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The dyadic interaction of relationships and disability type on informal carer subjective well-being

Purpose: Care-related factors have frequently been associated with elevated levels of distress and diminished subjective well-being. However, these variables have traditionally been considered independently. The objectives of this study were to explore the subjective well-being of informal carers in Australia and to specifically examine the effect of the dyadic interaction between the caring relationship and type of disability on the subjective well-being of informal carers.

Methods: Informal carers (n = 4,096) completed the Personal Wellbeing Index (PWI) and Depression and Stress Scales. Analysis of covariance was used to compare the subjective well-being of carers to the general population while controlling for socio-demographic factors. To examine the dyadic relationship, a multivariate analysis of covariance was employed.

Results: After socio-demographic variables were controlled, informal carers reported significantly lower PWI scores compared to the general population. The results of the multivariate analysis of covariance revealed a significant interaction between the caring relationship and the type of disability being managed on subjective well-being. No differences were found for symptoms of depression and stress.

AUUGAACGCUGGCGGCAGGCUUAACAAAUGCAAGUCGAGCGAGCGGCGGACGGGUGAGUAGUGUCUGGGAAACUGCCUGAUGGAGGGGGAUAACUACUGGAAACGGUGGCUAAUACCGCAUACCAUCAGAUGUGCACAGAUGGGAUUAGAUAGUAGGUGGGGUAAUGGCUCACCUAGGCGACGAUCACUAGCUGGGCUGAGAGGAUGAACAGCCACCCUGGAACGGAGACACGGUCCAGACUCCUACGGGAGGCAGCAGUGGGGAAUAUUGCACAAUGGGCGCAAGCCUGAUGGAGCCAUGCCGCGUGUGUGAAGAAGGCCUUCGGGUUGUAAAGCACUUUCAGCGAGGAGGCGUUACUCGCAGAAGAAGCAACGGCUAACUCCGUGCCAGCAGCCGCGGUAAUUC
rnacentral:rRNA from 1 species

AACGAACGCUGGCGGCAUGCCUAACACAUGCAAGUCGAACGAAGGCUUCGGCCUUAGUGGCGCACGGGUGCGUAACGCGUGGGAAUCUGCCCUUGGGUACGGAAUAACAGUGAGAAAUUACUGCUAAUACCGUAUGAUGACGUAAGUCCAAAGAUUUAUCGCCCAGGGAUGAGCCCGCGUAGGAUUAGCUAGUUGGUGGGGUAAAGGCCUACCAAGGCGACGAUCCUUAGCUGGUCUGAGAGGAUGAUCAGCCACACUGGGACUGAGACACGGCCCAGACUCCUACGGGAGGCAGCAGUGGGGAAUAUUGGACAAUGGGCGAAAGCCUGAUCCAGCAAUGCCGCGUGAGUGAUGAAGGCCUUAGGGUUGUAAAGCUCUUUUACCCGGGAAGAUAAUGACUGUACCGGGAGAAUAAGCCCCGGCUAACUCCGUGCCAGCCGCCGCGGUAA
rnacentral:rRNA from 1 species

Conclusions: The findings of this study imply that the detrimental effect of caring on subjective well-being is magnified for carers who support a child with a mental illness or multiple types of disabilities. These carers displayed the lowest levels of subjective well-being, highlighting the dyadic effects of care-related variables. Consideration of these factors is essential to target effective intervention programs for those most at risk of diminished well-being.

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Additional Titles
Quality of Life Research

Key Information

Type of Reference
Jour
Type of Work
Article
ISBN/ISSN
09629343
Resource Database
A9h academic search complete - exported 11/7/2016
Publication Year
2014
Issue Number
5
Volume Number
23
Start Page
1535-1542